Losartan is a medicine that is commonly used to treat high blood pressure and heart failure. It is also used to protect your kidneys if you have diabetes or kidney disease. Your doctor may prescribe losartan to help prevent kidney disease, strokes and heart attack.


How does Losartan work?

Losartan belongs to a class of medication called angiotensin II receptor antagonists. Angiotensin II is a chemical in your body that enters your blood stream and causes your blood vessels to begin to constrict. That thickens and stiffens the walls of your blood vessels and heart. It also causes a hormone in your body to make your body retain water. More fluid or sodium and water in your body together with the restricted space will cause your blood pressure to rise. Angiotensin II receptor antagonists work by blocking the production of this chemical in the blood. Hence, they relax and widen blood vessels which allows blood to flow through. It also reduces the volume of fluid and ultimately lower your blood pressure.

Who can I take Losartan?

Most adults over 18 can take Losartan.

Children who are aged 6 years and over can take also take it for treatment of high blood pressure only.

Some doctors will switch you from a class of medication called ACE inhibitors (e.g. Lisinopril or Ramipril) to Losartan if you are not able to take them because you experience a dry irritating cough which is a known side effect of that class of medicines.

Losartan isn’t suitable for some people.

Who can’t take Losartan

Losartan is not the most suitable medicines for certain people. It is important that you tell your doctor if you:

  • are planning to get pregnant, pregnant or breastfeeding.
  • have previously had an allergic reaction to losartan
  • have hypotension (low blood pressure)
  • are on a low salt diet
  • have diabetes
  • have liver, heart or kidney disease
  • have had a kidney transplant
  • have diarrhoea or vomiting

How to take Losartan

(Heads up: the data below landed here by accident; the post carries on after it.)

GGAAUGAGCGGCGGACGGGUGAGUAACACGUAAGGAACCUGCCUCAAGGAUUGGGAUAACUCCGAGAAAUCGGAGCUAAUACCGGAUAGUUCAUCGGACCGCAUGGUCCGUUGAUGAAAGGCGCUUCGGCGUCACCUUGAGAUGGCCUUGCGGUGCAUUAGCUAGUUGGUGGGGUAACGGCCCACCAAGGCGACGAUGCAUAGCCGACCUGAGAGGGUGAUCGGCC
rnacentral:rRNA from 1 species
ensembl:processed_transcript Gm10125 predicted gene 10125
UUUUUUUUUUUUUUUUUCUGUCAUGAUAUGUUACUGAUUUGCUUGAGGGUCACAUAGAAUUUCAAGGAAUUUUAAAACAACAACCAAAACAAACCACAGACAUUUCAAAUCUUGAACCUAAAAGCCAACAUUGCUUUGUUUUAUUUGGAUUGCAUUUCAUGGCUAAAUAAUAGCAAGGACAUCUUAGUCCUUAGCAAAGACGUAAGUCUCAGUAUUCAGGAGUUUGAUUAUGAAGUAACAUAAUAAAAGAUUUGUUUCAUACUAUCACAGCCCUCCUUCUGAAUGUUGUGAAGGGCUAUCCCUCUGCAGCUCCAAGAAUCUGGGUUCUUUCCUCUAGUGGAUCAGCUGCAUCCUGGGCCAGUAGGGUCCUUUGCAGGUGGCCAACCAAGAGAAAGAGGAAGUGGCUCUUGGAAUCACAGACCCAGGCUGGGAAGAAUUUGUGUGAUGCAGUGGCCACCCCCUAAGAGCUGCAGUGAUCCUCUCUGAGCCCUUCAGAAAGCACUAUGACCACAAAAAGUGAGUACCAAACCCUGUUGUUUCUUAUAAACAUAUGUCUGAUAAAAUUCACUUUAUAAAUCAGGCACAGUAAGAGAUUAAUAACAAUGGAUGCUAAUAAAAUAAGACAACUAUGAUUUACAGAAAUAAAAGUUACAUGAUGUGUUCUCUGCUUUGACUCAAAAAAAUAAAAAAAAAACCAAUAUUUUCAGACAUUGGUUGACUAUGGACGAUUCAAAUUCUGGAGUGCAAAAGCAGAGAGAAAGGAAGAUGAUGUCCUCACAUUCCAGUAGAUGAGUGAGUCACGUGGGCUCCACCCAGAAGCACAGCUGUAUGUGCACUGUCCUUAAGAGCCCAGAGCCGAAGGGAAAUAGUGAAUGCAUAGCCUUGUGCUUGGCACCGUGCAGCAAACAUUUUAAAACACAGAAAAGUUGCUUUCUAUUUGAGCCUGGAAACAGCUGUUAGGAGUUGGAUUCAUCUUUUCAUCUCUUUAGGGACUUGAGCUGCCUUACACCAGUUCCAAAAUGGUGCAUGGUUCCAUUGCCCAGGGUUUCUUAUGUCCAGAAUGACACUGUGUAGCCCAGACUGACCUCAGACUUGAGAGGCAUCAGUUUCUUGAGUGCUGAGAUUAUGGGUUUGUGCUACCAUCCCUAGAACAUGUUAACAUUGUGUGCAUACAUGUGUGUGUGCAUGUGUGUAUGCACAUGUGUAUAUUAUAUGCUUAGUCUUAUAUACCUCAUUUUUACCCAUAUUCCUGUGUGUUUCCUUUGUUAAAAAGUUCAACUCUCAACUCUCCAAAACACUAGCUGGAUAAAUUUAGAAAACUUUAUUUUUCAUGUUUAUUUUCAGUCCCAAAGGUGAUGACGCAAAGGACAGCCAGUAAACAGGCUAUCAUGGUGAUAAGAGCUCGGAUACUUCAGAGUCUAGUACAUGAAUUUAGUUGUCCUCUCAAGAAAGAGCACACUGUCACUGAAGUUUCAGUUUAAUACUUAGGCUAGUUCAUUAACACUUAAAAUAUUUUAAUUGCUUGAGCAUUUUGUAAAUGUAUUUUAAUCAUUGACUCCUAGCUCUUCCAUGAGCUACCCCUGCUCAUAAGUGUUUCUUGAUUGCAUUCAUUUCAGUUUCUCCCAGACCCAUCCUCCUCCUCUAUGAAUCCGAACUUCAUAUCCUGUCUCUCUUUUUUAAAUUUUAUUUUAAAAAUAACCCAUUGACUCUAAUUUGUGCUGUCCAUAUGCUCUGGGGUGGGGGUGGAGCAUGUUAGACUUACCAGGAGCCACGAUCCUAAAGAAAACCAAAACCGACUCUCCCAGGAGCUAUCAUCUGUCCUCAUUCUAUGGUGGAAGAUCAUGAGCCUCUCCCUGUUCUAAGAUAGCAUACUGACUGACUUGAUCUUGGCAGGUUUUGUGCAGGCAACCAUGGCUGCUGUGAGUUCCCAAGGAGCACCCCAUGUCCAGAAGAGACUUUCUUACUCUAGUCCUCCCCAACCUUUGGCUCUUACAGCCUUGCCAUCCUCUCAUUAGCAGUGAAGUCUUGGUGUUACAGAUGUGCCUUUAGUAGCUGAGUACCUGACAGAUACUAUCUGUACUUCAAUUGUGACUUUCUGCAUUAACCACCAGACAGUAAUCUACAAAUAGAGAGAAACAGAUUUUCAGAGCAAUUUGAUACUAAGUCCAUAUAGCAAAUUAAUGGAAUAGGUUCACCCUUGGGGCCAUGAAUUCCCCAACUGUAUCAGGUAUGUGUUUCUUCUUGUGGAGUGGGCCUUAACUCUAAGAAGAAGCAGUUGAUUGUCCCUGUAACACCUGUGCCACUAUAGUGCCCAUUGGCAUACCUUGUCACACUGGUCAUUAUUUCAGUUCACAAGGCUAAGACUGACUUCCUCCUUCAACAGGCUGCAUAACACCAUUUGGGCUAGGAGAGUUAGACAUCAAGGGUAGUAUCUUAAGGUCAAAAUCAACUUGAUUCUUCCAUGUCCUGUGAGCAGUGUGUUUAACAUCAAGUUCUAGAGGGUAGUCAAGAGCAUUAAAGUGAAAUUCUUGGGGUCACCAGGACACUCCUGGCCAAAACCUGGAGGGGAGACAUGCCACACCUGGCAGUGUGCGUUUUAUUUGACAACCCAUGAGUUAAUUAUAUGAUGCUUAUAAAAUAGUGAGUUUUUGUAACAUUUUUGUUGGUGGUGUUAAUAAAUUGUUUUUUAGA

Losartan is usually taken once a day. It is advised that you take the first dose at bedtime as Losartan may cause you to feel dizzy. You can usually take the subsequent doses at any time of day. It is advised that you take it at the same time of day every day. Losartan can be taken with or without food

Take Losartan as directed by your doctor. Do not stop taking it even if you feel better.

What dose would I take?

The dose of losartan you will be prescribed will depend on weather you are taking it to treat hypertension of heart failure. Your doctor will usually tell you the dose you need.

Usually, adults’ dose for high blood pressure is 50mg to 100mg and between 12.5mg to 150mg once a day for heart failure

For children, the weight may be used to calculate the dose.

Why does my dose go up or down?

Your dose may need adjusting. After a few weeks of starting Losartan, you doctor may check you to see how well it is working and make any dose adjustment. Your doctor will measure your blood pressure, check for side effects, do a blood test to see the effect of Losartan on your kidneys and to check the levels of potassium. Based on all these, your doctor may decide to either increase or reduce the dose.  

What if I forget to take it?

Take it as soon as you remember if you forget to take your medicine but do not take a double dose to make up for a dose that you forgot to take.

What if I take too much?

See your doctor immediately if you take too much.

Side effects

Losartan just like all medicines can cause side effects. Not everyone will get these side effects and the side effects may reduce or stop when your body adjusts to the medication. Some common side effect includes:

  • Hyperkalaemia (High level of potassium
  • Hypotension (low blood pressure) and postural hypotension (low blood pressure on standing)
  • Asthenia (abnormal physical weakness or lack of energy)
  • Vertigo (Feeling like everything around you is spinning)
  • Nausea (feeling sick)
  • Vomiting (actually being sick)
  • Diarrhoea
  • Dizziness
  • Back pain
  • Renal impairment (Kidney problems)

Let your doctor or pharmacist know about any side effects that bothers you or persists.


Sometimes but very rarely, Losartan can cause angioedema which is an allergic reaction that causes swelling around the eyes, lips and tongue, hands, feet and genitals. In severe cases, the swelling can involve the inside of your throat and bowels. If it affects your throat, this can make you have breathing or swallowing difficulty.  You must contact your doctor immediately if you experience this.


Losartan isn’t recommended during pregnancy. However, your doctor might prescribe you it if they feel it is the best option for you or if they think the benefit of taking it outweighs the risk.

Losartan passes into breast milk and may cause the baby to have low blood pressure. Your doctor may prescribe an alternative medicine while breastfeeding.

What medicines interact with Losartan?

  • Pain medication called Nonsteroidal anti-inflammatory drugs (NSAIDs) when used together with losartan may affect your kidneys. Examples of NSAIDs include naproxen, ibuprofen, celecoxib, diclofenac, etoricoxib
  • Other medicines used to treat blood pressure.
  • Aspirin (if you are taking more than 3g a day).
  • Potassium supplements or salt substitutes which contain potassium.
  • Heparin which is a medicine that thins your blood.
  • Water tablets called diuretics.
  • Lithium which is used to treat some mental health problems.
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